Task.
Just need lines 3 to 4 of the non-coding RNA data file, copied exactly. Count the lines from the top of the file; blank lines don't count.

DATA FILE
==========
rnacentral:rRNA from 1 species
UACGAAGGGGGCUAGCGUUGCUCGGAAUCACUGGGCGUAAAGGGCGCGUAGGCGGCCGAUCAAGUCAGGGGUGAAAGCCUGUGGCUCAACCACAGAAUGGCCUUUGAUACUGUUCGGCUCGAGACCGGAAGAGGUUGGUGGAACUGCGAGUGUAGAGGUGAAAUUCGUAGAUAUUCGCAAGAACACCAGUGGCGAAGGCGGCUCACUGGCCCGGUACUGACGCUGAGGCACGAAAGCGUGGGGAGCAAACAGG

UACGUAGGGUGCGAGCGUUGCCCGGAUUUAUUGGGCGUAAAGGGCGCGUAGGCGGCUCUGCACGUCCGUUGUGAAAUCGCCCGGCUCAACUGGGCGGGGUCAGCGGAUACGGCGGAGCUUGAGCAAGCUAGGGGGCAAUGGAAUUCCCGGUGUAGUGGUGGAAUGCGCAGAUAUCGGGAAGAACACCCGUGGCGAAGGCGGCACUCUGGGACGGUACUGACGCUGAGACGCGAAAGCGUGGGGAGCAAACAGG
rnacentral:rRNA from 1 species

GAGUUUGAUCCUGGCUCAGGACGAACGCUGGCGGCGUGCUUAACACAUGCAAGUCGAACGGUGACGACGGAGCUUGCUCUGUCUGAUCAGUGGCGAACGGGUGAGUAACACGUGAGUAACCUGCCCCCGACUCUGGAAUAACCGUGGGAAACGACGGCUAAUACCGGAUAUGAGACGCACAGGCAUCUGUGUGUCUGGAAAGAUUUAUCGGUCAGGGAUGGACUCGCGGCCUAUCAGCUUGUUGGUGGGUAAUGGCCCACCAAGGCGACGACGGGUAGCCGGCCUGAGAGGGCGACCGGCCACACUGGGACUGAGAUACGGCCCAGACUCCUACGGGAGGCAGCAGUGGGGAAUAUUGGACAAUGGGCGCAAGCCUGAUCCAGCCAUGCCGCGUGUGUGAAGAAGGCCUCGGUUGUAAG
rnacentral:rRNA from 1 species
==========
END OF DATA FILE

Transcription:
UACGUAGGGUGCGAGCGUUGCCCGGAUUUAUUGGGCGUAAAGGGCGCGUAGGCGGCUCUGCACGUCCGUUGUGAAAUCGCCCGGCUCAACUGGGCGGGGUCAGCGGAUACGGCGGAGCUUGAGCAAGCUAGGGGGCAAUGGAAUUCCCGGUGUAGUGGUGGAAUGCGCAGAUAUCGGGAAGAACACCCGUGGCGAAGGCGGCACUCUGGGACGGUACUGACGCUGAGACGCGAAAGCGUGGGGAGCAAACAGG
rnacentral:rRNA from 1 species